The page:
We actually have a project in the San Francisco Bay area where they look at the rocks and the sediments, including the artificial fill and where they are, so we know that the earthquake shaking will be more intense in those areas.


Mmm...very important for local planners. So tell us a little bit about the USGS's new timescale and colors that help in creating geologic maps of the US and North America.


Well Pat, its really all about communication. You know, we have our languages that people need to talk with and when we talk about time, obviously, geology goes back to the beginning of Earth. So more than 4.5 billion years. So we need to be able to understand what the ages of the various rocks and the various sediments are. It's a very important way to communicate. So there are ways that we date rocks. We can date them by radioactive materials within the rocks, we can look at fossils to understand how those rocks may, or when, they've actually formed.

But also we give names to the periods of time so we, as geologists, can communicate with each other. And a lot of people public know some of these. For instance, I think a lot of people heard of the Triasic and the Jurassic [Pat: laughs]-Jurassic Park for instance, the age of the dinosaurs. These are geologic age terms. Over time there's been some controversy and were also constantly revising the actual dates of these periods and the boundaries of these periods. And that's what this timescale is about is to understand for people to have a consistent timescale to use when they're doing their geology, their geologic studies.

This also links into the colors of the geologic map. A geologic map is beautiful piece if you've seen one on a wall before there's lots of colors to them and those colors actually mean something. We give colors to rock units based on their ages. So that's how the colors link to this timescale.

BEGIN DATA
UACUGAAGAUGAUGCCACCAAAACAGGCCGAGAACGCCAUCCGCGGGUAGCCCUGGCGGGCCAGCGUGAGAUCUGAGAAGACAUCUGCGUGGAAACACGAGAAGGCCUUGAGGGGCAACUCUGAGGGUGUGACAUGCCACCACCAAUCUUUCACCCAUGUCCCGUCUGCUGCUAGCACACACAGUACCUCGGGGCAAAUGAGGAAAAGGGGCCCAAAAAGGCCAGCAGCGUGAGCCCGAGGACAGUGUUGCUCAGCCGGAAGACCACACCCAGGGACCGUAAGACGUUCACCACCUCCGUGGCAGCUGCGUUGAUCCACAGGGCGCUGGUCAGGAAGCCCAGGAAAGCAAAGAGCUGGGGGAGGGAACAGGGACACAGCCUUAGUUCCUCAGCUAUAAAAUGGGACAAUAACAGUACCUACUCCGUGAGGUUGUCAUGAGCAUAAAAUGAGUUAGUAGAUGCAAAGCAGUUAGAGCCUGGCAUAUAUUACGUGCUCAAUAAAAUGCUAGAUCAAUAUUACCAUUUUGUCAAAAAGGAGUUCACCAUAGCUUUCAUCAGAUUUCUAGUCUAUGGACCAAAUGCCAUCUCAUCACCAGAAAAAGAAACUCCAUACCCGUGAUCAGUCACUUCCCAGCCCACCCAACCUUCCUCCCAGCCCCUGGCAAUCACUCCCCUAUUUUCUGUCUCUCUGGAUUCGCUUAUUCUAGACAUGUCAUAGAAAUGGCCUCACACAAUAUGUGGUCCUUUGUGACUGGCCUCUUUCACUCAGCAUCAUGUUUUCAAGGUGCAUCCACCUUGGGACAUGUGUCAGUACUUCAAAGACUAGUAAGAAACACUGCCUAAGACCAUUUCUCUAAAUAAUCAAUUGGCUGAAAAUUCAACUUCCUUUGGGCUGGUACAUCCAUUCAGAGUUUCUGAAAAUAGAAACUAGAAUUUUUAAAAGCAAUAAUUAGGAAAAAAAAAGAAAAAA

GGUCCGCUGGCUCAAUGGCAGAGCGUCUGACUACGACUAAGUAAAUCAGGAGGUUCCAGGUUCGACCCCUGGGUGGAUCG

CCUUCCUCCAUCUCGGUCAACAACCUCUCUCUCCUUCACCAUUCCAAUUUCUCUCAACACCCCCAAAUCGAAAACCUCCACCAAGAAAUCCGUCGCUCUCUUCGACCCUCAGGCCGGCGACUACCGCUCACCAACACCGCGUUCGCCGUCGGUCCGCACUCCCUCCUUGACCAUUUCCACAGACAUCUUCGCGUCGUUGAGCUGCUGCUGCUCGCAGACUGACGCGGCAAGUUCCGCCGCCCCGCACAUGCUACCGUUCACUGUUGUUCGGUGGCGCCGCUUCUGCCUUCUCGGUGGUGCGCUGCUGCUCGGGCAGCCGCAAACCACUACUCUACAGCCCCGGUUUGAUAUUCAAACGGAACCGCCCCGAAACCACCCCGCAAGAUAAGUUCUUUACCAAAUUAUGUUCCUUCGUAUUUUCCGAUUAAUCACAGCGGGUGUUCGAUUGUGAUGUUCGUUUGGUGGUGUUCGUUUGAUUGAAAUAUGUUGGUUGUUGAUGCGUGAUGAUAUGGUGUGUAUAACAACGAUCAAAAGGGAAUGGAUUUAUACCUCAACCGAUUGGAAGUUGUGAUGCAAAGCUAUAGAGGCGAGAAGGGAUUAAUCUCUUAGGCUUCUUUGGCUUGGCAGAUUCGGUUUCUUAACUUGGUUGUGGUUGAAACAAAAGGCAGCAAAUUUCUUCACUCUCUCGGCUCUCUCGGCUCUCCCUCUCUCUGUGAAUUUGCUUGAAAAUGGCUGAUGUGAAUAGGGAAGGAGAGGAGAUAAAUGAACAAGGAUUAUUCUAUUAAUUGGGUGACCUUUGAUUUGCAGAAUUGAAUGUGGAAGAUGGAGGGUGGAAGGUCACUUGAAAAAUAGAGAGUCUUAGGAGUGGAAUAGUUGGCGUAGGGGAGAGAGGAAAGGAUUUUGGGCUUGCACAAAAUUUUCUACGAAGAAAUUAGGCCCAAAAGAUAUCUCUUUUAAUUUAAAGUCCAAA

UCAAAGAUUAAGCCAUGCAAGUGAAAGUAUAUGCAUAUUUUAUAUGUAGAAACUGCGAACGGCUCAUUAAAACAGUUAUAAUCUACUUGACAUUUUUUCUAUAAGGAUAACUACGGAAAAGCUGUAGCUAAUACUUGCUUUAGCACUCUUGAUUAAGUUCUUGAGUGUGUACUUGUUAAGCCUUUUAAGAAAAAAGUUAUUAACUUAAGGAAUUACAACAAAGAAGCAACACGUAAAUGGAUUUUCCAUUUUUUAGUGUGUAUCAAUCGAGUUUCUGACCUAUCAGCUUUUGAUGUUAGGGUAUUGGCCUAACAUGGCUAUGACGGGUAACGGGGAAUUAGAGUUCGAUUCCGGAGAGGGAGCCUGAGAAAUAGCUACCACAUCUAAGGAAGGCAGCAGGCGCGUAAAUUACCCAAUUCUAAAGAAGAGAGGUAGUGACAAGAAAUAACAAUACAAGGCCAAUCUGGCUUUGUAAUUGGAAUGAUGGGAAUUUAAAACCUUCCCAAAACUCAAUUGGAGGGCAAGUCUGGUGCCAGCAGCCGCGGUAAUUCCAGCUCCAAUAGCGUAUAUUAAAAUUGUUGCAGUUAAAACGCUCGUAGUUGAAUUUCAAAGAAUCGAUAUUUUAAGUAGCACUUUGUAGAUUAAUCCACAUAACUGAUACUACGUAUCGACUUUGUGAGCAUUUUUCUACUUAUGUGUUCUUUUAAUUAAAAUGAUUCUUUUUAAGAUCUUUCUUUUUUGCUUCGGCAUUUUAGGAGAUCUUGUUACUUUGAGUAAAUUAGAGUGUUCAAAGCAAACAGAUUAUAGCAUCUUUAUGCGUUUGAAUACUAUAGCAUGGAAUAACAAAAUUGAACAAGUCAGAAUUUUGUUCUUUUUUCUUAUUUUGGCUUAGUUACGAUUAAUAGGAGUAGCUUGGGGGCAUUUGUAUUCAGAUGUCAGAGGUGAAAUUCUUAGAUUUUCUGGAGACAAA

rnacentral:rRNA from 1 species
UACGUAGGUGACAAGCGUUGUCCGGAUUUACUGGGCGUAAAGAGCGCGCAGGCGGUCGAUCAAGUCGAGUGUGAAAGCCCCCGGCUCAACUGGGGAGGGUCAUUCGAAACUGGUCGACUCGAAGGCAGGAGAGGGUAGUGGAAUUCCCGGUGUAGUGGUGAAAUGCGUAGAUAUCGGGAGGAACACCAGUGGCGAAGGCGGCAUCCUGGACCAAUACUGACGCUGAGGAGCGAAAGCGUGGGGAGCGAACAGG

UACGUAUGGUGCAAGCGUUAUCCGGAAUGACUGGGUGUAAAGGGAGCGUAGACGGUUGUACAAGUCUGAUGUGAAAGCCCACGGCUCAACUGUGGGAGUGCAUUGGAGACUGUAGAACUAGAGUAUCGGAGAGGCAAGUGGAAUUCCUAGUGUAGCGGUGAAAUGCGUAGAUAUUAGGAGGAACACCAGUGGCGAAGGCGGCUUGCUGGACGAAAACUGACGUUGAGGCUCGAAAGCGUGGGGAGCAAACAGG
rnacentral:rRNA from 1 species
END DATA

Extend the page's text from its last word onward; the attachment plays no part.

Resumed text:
So it sound like a geologic map is a piece of science and a work of art and a history book all rolled into one.


Most definitely.


So, just out of curiosity what are the geologically oldest and youngest parts of the United States?


The oldest part is pretty easy. The Adirondacks of New York and the very northern section of Minnesota around the Lake Superior region where we have a lot of iron formations. Those rocks are well over 1.5, 1.7 close to 2 billion years old, very old rocks. Youngest rocks? Things that are happening on a daily basis- rivers depositing sediments that's geology, but that's happening today. But if you think of an actual rock, probably want to think of lava that's cooling. So, I guess Hawaii to answer your question. My rock collection, I think I've got my oldest get and I have my 1983 piece of basalt and lava from Kilauea volcano. So that's probably what you would say is one of the youngest areas.


Wow, so the message is geology is still going on [Randy: Exactly.] Well, Randy I want to thank you for your time today. We really appreciate you talking with us. Its clear that there's an awful lot we can learn from geologic maps, not just about the ground beneath us but about the environment as a whole and about our daily lives.

Thanks again for joining us.


You're very welcome. I so much enjoyed it.


And thanks to all of you for listening to this episode of CoreCast. Don't forget keep an ear out for tomorrow's podcast in our continuing Earth Science Week series. Tomorrow we'll be talking with Bob Ridky, USGS Education Coordinator resources for students, teachers and anyone else who wants to learn more about USGS science.

CoreCast is a product of the US Geological Survey, Department of the Interior. Until next time I'm Pat Jellison saying, "Keep thinking and stay curious."

[music fades in and fades out]

Musical credit: "Elec_guit_cleanfunk_riff6", Soundgram Post.